10 Things only Altar Servers will be able to relate to
Altar serving was the shit!
When you're in primary school, it can be hard to try and get a job. You're not old enough to work in your local newsagent or supermarket but you still want to make a few euros or even get experience.
That's where altar serving comes in. My time as an altar server served me extremely well as I was stacking money and missing classes left right and centre. It was a pretty sweet deal.
With the freedom and money altar-serving entitled you to, responsibility came too. It was hard, being in primary school and juggling the burden and rules of altar-serving you had to adhere to but from what I remember it was mostly a fun time.
Here are 10 things all fellow altar servers will remember:
1. The altar server uniform.
My vestments were composed of a red long robe with a white top over it, and it was a matter of life or death to wear black polished shoes.
After extensive research, I've found out that the red part is called a cassock (ooooh) and the white part is called a surplice.
If you were in anyway tall, this often meant the longer robe would be halfway up your shin as opposed to at your ankles. Nightmare.
2. Ringing the bell was the most important part of your LIFE.
It was three times that the bell had to be rang - the priest putting his hands over the bread, raising the cup of wine and saying a prayer.
3. The smell of incense never left your clothes.
The priest banging the big gold thurible at funerals and different Masses alike meant that the smoke from the incense spread everywhere, in your hair, clothes and sometimes left you coughing quite badly.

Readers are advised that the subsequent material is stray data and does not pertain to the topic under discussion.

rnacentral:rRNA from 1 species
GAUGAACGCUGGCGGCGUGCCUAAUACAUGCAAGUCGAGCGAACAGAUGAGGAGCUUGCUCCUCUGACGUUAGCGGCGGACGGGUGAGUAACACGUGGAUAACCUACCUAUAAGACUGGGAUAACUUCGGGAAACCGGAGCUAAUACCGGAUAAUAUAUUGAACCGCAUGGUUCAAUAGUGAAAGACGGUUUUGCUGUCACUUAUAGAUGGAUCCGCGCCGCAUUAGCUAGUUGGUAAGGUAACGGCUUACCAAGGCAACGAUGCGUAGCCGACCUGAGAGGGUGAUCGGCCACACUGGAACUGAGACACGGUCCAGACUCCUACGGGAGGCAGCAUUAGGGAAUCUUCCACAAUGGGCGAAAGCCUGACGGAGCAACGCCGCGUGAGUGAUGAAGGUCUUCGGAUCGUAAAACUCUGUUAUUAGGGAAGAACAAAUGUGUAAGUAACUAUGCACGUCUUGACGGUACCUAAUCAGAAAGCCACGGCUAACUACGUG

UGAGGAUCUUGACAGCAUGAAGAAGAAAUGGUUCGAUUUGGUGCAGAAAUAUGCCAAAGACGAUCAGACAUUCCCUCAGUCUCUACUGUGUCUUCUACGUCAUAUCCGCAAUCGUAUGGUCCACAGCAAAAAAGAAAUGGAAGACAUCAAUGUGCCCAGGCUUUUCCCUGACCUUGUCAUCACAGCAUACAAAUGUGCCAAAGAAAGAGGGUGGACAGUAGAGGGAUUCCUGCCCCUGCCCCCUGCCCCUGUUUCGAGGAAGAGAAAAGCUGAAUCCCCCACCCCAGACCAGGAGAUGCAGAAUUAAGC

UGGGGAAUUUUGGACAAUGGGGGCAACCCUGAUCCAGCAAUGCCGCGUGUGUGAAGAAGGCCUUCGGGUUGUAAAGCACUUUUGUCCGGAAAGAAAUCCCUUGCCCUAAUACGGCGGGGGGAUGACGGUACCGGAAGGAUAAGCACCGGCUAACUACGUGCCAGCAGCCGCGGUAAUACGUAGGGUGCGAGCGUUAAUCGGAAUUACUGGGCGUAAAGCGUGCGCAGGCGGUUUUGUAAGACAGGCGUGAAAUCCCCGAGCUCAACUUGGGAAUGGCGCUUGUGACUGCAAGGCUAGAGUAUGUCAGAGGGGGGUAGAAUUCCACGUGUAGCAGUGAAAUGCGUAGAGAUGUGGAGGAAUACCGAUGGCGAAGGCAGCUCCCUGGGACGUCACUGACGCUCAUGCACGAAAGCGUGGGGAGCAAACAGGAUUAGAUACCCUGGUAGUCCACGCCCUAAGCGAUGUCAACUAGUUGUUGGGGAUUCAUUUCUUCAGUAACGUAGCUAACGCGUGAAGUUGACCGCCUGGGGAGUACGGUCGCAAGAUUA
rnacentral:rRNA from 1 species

Boy did it smell good though.
4. Working at funerals meant earning serious cash MONEY.
I remember getting 30 euro for serving a Mass for an hour which at the age of 13 was a HUGE deal.
5. Being made captain of your team made you feel seriously important.
If you were a dedicated altar server for long enough, you were made a Captain. Oh yes, that's me - Captain Rebecca Keane, here to save the altar.
6. Training new altar servers in was a nightmare.
A Captain was to make sure all the other altar servers knew what they were doing and when to do it - all while looking after their own altarly duties.
Training new, shy altar servers in to fulfil their duties properly proved more than difficult at times.
7. Sitting on the altar meant you could check who was keeping up their Mass attendance.
Looking down from the altar meant you could see all the attendees and mentally check off who was making time for the big J.C.
I was judging you all.
8. Farting in church was a seriously tricky task.
Sitting so near to the microphones on the altar meant letting one out might be picked up on the sound system.
Thankfully it never happened to me, but I'm sure there's probably one unfortunate altar boy or girl that it happened to.
9. Remembering to kneel on the altar before and after the Mass meant serious scarlet moments.
Training in new servers and getting them to kneel in unison was like a horror show.
10. The altar server's party was the biggest social event of the year.
Working on the altar all year warranted a big party with all your mates, with bottles of Cadet and sweets available at the church hall.
There was a disco and I remember pestering my mum to get a new outfit especially for it. It was the party of my year.
Being an altar-server was truly a magical time and now as an adult, going to funerals I look at the altar servers with slight envy.
Maybe I need to get out more?